A publishing deal goes south? More barnacles.
A book you write lands on shelves and it feels like nobody buys it? More rust.
Every bad review is a remora fish clinging to your side. Every royalty statement that reminds you about unearned advances is concrete drying on your boots. It’s all boat anchors and caked-on mud and an engine that gutters and grinds before it starts in the morning.
Burnout is a kind of creative constipation. You get tired of doing it. The work feels only like work. Clarity seems impossible. The stress outweighs the joy.
You’ll hit it. You might hit it early in your career trying to get published. You might hit it in the middle of your career after all the business baggage has been slung over your shoulders. If you’re me, you might bump up against it again and again with the standard peaks and valleys of the authorial life. I periodically run parallel to burnout like someone running alongside the ocean — if I turn my head just so I can see the shark fins, I can see the rippling lines of a threatening undertow, I can see the SURLY OCTOPUSES OF ENNUI THREATENING TO ENROBE ME IN THEIR TENTACLES AND DROWN ME IN THE BUBBLING DEPTHS OF MY OWN LASSITUDE.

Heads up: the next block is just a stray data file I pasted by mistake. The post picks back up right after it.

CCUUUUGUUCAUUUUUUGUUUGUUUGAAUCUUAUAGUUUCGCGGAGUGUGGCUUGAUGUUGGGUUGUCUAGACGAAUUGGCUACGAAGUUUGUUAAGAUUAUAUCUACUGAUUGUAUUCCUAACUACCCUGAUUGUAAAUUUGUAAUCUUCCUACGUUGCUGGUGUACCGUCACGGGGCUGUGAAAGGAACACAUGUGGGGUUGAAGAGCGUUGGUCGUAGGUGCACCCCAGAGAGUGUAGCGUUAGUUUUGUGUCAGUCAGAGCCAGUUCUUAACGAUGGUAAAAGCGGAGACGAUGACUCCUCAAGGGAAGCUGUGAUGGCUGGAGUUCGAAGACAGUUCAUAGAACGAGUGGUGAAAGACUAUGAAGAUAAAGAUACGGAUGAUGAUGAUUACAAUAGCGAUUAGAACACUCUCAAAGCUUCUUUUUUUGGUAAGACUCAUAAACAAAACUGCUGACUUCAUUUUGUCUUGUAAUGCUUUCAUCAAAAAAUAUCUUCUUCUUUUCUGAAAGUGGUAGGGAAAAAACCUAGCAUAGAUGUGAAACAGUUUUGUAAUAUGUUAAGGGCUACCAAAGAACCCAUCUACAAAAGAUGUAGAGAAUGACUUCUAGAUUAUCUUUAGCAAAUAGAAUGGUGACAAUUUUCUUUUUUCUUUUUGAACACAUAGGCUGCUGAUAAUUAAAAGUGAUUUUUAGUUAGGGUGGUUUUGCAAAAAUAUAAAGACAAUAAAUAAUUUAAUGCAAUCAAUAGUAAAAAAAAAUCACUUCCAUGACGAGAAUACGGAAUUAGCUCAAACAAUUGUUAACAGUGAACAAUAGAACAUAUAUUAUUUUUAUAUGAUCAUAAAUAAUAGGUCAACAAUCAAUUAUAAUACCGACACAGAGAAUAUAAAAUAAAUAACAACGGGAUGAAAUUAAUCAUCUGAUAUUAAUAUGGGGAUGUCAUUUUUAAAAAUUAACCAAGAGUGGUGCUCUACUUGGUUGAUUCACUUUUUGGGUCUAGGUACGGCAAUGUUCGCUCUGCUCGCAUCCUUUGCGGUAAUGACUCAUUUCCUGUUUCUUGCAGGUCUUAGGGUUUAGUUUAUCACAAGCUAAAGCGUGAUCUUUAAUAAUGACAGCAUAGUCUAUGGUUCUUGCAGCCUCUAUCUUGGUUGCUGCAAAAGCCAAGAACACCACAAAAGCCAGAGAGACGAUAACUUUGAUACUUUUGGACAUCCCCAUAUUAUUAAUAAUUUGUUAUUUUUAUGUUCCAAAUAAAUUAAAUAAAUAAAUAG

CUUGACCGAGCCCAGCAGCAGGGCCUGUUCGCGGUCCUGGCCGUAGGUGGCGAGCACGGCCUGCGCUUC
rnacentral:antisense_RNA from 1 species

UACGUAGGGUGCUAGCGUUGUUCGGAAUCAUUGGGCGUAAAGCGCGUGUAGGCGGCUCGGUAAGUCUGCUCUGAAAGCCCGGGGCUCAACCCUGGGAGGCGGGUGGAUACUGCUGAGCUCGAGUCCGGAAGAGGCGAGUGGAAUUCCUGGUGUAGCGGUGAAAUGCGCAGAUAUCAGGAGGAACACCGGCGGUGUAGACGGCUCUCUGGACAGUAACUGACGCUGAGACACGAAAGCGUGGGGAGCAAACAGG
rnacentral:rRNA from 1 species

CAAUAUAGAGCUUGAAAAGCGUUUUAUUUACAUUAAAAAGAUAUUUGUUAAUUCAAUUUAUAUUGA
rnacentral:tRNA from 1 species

Question is, what do I do about the OCTOPUSES OF ENNUI?
As my nemesis Jaye points out, you’ve got options. Nab a new hobby. Take up yoga or meditation. I like photography, as you might see with my Macro Monday experiments. Take a walk. Take a vacation. Have an adventure. Vent frustrations with fellow writers (seriously, this can be a huge help). Punch a punching bag painted to look like the politician of your choice.
All of those are good at scraping some of the barnacles off.